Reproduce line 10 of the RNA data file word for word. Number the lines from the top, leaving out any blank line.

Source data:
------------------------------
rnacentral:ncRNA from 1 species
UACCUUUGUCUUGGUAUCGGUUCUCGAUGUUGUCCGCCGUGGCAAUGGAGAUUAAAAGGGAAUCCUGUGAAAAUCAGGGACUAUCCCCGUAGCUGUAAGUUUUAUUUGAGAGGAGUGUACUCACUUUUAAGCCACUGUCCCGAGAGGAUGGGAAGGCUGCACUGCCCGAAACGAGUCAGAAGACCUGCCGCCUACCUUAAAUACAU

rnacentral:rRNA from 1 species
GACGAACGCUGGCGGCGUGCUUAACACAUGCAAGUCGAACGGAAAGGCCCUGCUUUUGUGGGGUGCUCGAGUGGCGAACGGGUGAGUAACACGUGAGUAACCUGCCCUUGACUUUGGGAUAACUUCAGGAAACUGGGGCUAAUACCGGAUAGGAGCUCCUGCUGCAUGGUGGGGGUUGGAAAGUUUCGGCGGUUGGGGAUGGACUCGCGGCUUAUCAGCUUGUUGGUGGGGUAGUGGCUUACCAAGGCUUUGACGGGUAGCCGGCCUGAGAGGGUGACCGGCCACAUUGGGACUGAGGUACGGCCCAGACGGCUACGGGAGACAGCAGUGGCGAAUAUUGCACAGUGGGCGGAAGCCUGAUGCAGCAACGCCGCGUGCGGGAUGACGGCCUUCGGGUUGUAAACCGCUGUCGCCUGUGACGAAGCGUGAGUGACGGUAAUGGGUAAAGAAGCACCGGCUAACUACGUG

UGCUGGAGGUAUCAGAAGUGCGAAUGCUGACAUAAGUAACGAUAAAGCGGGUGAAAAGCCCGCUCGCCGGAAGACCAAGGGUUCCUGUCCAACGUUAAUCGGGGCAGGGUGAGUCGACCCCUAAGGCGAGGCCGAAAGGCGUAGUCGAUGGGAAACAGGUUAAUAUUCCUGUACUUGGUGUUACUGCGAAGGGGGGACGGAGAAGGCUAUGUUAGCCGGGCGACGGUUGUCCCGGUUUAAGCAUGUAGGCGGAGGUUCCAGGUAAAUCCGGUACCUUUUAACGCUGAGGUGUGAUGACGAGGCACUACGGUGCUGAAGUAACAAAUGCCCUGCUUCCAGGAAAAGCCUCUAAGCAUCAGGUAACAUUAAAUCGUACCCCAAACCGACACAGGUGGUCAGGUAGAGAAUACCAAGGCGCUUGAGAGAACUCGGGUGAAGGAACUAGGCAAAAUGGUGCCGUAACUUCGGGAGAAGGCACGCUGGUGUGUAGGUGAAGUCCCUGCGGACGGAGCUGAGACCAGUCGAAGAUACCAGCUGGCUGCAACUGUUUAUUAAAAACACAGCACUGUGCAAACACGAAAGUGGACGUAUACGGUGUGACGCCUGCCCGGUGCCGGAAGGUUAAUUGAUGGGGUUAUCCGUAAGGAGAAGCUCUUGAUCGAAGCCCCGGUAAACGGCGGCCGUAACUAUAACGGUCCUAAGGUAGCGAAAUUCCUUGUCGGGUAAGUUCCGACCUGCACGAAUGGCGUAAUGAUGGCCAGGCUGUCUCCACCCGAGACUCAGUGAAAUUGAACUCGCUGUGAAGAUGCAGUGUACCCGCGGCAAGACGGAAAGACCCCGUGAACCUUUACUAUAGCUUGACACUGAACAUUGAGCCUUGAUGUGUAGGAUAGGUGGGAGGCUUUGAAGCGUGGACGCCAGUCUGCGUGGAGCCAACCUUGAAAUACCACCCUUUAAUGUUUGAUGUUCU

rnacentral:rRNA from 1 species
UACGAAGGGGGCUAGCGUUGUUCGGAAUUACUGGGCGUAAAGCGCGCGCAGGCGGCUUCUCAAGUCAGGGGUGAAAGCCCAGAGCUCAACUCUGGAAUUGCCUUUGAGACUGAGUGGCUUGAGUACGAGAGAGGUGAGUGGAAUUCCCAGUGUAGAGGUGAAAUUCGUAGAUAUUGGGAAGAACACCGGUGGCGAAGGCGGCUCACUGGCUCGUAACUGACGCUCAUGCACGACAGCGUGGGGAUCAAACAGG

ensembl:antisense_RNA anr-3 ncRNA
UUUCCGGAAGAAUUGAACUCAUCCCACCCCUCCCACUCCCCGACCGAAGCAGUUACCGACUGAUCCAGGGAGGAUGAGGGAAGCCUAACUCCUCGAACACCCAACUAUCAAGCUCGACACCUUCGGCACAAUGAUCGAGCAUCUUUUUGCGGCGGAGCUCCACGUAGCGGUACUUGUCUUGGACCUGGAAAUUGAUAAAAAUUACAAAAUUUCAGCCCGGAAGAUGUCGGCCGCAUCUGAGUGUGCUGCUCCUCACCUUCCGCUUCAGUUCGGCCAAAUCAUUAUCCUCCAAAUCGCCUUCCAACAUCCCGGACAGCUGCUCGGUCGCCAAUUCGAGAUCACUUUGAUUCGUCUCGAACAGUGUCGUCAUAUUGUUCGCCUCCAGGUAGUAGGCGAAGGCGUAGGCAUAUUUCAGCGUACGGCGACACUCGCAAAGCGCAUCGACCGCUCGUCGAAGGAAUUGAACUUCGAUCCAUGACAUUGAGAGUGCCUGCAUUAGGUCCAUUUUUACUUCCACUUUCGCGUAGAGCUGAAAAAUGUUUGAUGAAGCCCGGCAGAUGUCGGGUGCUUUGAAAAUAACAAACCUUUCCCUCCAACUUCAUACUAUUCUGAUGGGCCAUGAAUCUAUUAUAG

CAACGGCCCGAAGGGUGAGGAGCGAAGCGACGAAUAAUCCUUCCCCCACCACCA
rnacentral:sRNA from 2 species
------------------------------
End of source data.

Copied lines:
CAACGGCCCGAAGGGUGAGGAGCGAAGCGACGAAUAAUCCUUCCCCCACCACCA